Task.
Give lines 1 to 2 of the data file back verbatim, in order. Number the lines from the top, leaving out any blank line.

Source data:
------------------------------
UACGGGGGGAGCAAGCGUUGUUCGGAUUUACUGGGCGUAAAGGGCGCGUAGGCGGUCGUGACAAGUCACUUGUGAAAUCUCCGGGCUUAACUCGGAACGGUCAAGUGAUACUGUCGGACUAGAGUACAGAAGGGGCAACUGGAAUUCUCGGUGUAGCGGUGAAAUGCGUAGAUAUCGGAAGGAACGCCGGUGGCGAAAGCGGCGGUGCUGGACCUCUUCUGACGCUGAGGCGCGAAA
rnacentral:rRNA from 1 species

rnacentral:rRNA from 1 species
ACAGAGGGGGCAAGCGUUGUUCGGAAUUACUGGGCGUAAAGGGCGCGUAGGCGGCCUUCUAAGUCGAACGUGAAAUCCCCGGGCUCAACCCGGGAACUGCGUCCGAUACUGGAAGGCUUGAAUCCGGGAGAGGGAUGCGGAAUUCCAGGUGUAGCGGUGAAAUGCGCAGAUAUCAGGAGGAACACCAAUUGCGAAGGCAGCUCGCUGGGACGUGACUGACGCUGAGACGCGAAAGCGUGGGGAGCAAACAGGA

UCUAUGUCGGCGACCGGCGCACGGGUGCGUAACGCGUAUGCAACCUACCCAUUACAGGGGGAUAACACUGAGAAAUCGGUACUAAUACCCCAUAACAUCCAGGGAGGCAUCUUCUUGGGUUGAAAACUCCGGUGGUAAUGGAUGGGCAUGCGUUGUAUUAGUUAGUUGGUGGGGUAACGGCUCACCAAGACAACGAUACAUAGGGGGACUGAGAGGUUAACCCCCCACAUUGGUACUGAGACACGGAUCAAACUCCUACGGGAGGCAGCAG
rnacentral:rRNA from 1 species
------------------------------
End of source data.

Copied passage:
UACGGGGGGAGCAAGCGUUGUUCGGAUUUACUGGGCGUAAAGGGCGCGUAGGCGGUCGUGACAAGUCACUUGUGAAAUCUCCGGGCUUAACUCGGAACGGUCAAGUGAUACUGUCGGACUAGAGUACAGAAGGGGCAACUGGAAUUCUCGGUGUAGCGGUGAAAUGCGUAGAUAUCGGAAGGAACGCCGGUGGCGAAAGCGGCGGUGCUGGACCUCUUCUGACGCUGAGGCGCGAAA
rnacentral:rRNA from 1 species